SolidWorks estimates one million students use their software, from high schoolers to university students. This number may be based upon an approximately 3X factor applied to the 300,000 licenses sold or given away. Students may have bought the SolidWorks Education Edition (for as low as $99) or had it packaged with their design and drafting text books.
What's missing with the $99 SolidWorks Education Edition compared to the $4000 commercial version? Not a whole lot. It does everything the commercial version does but it only does it for 2 years. Also, output is watermarked "not to be used for commercial purposes." And, of course, you need to be a student to buy one.
A number of design/drafting textbooks from publishers such as McGraw Hill and Prentice-Hall include a 150-day version SolidWorks, presumably giving enough time to complete a one semester course.
Sowing seeds in schools is hardly a new concept. Apple computer has been doing it practically their whole existence. CAD companies are falling over themselves in a race to stuff their software into school labs, using rock-bottom pricing or even giving it away. All this is done in the hopes that when school's out, former students will buy --at full price--the tools they are familiar and comfortable with.
Marie Planchard, director of education marketing at SolidWorks, thinks SolidWorks leads the race for young minds. Though other CAD products get hoisted on schools, they often just collect dust. "Other CAD products take too long to learn and students don't have that kind of time." She points to MIT students who had 11 weeks to design a solar-powered car.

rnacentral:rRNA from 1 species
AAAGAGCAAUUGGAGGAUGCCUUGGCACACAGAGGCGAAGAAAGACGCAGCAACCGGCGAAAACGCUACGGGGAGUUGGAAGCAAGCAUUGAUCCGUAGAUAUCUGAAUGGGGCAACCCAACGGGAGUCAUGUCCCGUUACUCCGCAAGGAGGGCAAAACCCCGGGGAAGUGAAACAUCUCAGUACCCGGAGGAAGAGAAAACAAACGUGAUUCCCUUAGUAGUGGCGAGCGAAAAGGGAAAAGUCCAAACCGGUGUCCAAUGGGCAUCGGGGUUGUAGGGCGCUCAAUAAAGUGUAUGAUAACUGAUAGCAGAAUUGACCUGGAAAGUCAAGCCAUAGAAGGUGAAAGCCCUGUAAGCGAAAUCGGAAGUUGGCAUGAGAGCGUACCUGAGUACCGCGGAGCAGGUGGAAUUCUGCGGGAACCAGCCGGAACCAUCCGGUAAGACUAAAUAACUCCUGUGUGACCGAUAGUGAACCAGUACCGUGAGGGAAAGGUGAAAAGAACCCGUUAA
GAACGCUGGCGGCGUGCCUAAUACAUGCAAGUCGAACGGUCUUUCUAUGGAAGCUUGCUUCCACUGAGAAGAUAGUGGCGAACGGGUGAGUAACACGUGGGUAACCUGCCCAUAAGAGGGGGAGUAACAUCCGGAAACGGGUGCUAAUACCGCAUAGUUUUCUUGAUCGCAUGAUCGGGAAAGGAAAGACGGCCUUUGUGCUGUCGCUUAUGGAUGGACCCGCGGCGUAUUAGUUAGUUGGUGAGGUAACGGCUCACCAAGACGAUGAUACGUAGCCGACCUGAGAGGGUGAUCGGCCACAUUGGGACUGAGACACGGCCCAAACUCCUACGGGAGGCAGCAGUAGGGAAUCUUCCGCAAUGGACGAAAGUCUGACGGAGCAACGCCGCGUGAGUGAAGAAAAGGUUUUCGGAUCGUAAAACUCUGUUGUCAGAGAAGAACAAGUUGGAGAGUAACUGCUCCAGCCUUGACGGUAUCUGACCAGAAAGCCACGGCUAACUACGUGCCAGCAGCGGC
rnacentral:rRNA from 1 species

It is a widespread belief that SolidWorks is easy to use compared to Pro/ENGINEER or Unigraphics. But another reason SolidWorks will be successful in ingraining itself in schools is Planchard herself. Her engineering degrees and background as an educator and user advocate provide an ideal background for her present job. Did I say job? Listen to Planchard even briefly and you get the feeling this is no 9 to 5 job. Getting SolidWorks into the hands of students is more of a mission. And we are not just talking about SolidWorks for drafting, either. Why not have university students use SolidWorks and COSMOS for finite element analysis? Why should engineering students spend hours poring over the most complex equations for the simplest geometry, she asks, when software can solve real problems with complex geometry in minutes? Well, there is that academic inertia. Professors who have taught the same things the same way to generations of students are not likely to change quickly. Or maybe they just haven't listened to Marie Planchard.